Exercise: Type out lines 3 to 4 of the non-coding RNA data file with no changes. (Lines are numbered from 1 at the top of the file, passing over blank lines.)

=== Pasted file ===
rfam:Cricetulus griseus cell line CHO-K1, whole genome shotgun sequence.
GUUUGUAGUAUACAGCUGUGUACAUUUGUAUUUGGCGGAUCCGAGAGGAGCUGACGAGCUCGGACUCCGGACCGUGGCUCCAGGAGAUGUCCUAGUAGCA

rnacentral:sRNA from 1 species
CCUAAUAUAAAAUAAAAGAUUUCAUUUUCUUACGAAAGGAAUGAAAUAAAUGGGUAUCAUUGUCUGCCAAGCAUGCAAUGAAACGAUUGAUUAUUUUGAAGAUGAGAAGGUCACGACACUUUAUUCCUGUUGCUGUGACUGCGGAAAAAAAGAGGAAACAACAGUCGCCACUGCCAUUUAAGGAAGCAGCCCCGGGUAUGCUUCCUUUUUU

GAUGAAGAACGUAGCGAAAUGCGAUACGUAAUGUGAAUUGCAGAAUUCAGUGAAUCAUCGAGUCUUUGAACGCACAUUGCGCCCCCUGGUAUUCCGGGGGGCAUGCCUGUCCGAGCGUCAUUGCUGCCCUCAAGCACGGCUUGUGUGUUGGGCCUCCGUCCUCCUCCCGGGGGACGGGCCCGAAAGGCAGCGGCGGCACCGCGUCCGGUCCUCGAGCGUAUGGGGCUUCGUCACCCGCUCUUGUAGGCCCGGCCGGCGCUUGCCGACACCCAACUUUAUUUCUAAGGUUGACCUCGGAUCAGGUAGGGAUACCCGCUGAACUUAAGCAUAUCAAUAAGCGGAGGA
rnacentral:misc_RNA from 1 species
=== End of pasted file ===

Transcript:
rnacentral:sRNA from 1 species
CCUAAUAUAAAAUAAAAGAUUUCAUUUUCUUACGAAAGGAAUGAAAUAAAUGGGUAUCAUUGUCUGCCAAGCAUGCAAUGAAACGAUUGAUUAUUUUGAAGAUGAGAAGGUCACGACACUUUAUUCCUGUUGCUGUGACUGCGGAAAAAAAGAGGAAACAACAGUCGCCACUGCCAUUUAAGGAAGCAGCCCCGGGUAUGCUUCCUUUUUU